On August 7th, 2014, Netflix CEO Reed Hastings reported on his Facebook site that Netflix now generates more revenue from subscriptions than its premium cable network rival HBO.
Minor milestone: last quarter we passed HBO is subscriber revenue ($1.146B vs $1.141B). They still kick our ass in profits and Emmy's, but we are making progress. HBO rocks, and we are honored to be in the same league. (yes, I loved Silicon Valley and yes it hit a little close to home.)
Let’s consider Netflix for a moment. It’s now so woven into the fabric of everyday life, it’s hard to remember a time (not that long ago!) walking into a Blockbuster, or a Hollywood Video on a Friday night. To obtain the “entertainment asset” for weekend viewing (“Dang! I guess I got here too late … all the Jerry Maguires are checked out… guess I’ll rent Cocktail again… Cruise was pretty good in that, right? Amirite?!?”). And then the thrill of the little red and white envelopes arriving in the mail, the dustup over “Qwikster”, and now the beautiful, digital experience that prompted Philly.com to state: “Netflix—beautiful, beautiful Netflix—is, experts hypothesize, the pinnacle of the human experience.”
So, hats off to Netflix, a poster-child of the Code Halos phenomenon. Surpassing HBO in terms of subscriber revenue is no small feat. And I’d definitely concur that it has a lot to do with the much-vaunted Netflix experience. Our own Paul Roehrig, Ben Pring and Malcolm Frank discussed the secret of its success at length in the Code Halos book.
Big Data has enabled Netflix to continue to gain insights into its customers, highlighting new opportunities for the company…. Big bets are now being informed by Big Data, and no one knows more about audiences than Netflix*... An executive who asked not to be named in the article said this model would change the way the TV business operates. “… [I]t is clear that having a very molecular understanding of user data is going to have a big impact on how things happen in television,” he said. Consider that phrase: “a very molecular understanding” of customer desires and product development.
In his latest announcement, Hastings is right to point out the quality of HBO’s programming (which his comment about Emmys infers). But here’s my own personal story of how the war between access and content played out. And it suggests that Netflix’s real competition lies not with HBO, but (like many industries) against the juggernaut of Amazon. I recently got pulled in by HBO’s Game of Thrones, probably the last American (or indeed, the last person in the TV-watching world) to do so. I turned to HBO (and Netflix competitor) Amazon to binge-watch GoT Seasons 1-3 on just about any streaming device imaginable (on planes, in taxis, in hotel rooms, in my own living room courtesy of Roku). The multi-platform and omni-channel Amazon Instant Video experience was great – and felt really natural, seamless, and integrated. As Frank, Roehrig and Pring write in Code Halos:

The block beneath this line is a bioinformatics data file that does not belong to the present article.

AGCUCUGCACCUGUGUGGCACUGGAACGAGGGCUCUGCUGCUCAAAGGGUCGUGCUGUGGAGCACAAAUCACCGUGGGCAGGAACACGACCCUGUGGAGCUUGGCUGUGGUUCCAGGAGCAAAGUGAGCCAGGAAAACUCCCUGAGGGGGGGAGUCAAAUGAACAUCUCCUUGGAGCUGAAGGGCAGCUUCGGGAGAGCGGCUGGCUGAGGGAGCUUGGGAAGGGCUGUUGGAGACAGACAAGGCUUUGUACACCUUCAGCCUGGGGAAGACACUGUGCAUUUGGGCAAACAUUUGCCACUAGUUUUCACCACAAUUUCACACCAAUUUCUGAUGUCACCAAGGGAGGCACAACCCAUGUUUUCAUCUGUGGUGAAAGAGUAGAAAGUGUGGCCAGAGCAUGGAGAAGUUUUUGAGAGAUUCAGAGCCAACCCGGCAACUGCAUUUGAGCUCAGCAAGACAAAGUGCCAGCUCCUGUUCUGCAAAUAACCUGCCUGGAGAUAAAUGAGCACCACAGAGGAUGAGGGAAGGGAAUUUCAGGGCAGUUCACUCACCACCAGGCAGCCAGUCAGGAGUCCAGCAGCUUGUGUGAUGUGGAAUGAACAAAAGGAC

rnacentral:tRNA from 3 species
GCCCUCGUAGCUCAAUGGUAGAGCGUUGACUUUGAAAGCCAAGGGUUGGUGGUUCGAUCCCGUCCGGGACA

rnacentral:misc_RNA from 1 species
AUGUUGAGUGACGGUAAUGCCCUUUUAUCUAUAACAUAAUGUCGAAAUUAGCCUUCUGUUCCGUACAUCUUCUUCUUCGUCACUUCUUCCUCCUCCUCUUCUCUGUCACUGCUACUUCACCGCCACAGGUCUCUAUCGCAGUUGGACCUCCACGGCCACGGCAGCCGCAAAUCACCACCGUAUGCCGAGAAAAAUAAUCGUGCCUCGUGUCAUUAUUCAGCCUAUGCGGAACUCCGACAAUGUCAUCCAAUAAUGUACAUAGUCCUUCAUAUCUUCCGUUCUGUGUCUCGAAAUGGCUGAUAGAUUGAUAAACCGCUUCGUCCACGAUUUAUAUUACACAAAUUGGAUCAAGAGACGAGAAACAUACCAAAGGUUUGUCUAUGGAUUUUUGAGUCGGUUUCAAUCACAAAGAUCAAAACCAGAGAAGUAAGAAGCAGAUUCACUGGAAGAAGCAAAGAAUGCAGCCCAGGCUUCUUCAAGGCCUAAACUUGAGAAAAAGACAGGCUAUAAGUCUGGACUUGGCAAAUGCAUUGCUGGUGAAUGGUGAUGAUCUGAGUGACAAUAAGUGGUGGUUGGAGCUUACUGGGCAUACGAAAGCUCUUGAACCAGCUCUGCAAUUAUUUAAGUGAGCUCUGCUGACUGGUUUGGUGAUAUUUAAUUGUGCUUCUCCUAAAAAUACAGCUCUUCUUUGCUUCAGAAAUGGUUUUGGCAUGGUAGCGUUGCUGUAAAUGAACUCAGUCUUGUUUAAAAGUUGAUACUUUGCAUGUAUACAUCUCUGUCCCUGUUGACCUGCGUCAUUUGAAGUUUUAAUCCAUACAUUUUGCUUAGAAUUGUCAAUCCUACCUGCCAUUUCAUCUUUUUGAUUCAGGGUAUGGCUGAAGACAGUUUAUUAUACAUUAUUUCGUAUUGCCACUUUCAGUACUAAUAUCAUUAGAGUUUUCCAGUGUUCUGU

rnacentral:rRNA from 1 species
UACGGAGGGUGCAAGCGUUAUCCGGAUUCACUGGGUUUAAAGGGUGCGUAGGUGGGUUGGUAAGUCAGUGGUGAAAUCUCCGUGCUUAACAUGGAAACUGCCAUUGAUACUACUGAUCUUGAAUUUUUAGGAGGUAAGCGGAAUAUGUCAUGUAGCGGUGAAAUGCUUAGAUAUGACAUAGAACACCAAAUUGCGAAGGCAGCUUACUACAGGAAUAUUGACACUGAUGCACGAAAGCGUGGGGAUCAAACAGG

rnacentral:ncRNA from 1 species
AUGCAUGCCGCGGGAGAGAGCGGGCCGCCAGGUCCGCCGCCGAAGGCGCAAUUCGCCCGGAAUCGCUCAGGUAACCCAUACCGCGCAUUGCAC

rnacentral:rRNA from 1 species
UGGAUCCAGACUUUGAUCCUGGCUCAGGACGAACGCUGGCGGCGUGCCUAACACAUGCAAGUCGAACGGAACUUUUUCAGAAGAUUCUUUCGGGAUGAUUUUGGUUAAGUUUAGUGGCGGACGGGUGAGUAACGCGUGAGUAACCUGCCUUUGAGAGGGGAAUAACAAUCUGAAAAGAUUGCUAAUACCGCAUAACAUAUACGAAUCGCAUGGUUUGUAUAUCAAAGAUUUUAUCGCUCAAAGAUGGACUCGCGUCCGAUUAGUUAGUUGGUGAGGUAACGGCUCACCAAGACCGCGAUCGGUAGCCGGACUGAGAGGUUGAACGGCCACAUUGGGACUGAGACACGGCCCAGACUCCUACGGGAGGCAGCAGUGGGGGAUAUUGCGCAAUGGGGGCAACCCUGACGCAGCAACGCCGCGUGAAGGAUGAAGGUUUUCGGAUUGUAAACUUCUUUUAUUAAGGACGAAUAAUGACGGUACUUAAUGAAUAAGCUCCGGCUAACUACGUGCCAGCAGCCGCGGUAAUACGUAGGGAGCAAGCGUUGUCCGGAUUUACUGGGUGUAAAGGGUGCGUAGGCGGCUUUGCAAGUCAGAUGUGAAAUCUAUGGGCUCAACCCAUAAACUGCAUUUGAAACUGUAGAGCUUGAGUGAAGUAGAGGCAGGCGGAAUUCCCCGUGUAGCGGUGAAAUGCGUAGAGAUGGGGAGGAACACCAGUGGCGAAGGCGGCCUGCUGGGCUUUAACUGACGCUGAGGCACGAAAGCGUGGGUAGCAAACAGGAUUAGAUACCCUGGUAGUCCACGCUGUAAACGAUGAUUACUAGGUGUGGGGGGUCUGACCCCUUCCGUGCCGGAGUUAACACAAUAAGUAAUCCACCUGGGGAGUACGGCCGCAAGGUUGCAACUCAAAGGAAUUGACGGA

A beautiful consumer experience is also central to success, and in many cases is more difficult to achieve—since it often requires us to rethink business processes and organizational models, along with the heavy lifting of change management. This can be particularly difficult for an established organization, since it needs to accomplish it in parallel—and often in conflict—with existing business models and channels…The success of many Code Halo pioneers [has] much to do with compelling design—to lead customers to an irrational sense of connection and loyalty
But then I came to the present Season 4. Not available on Amazon. Darn – what’re you up to HBO? OK… over to the “HBO GO” iPhone app. But wait – I need an actual HBO TV subscription? Obtained from my local cable company back in California? I’m on a business trip in New Jersey! I can’t just buy the episodes piecemeal from the Cloud anymore? Huh? I ended up having to set up a one-month HBO subscription for $10.99, but had to wait to do it back at home (no way could I remember the years-ago password we had set up through Comcast while out of town on my trip… Where’s that handy “sign in through Facebook” feature? Or Amazon?). In the end, though, I probably saved more money – each Amazon episode cost $2.99 a pop (in lo-def, which saved a dollar off the HD versions. Let’s face it; a White Walker on an iPhone screen is still Small Screen viewing). But I probably would have shelled out twice the unit price – at that moment – to get my GoT fix, on demand. The bright side is that now (for this month, anyway), like Reed Hastings, I also get to watch Silicon Valley – which I also love, and also like Hastings – often hits a little too close to home…
Congratulations Netflix – one “HBO” down, and one “Amazon” to go…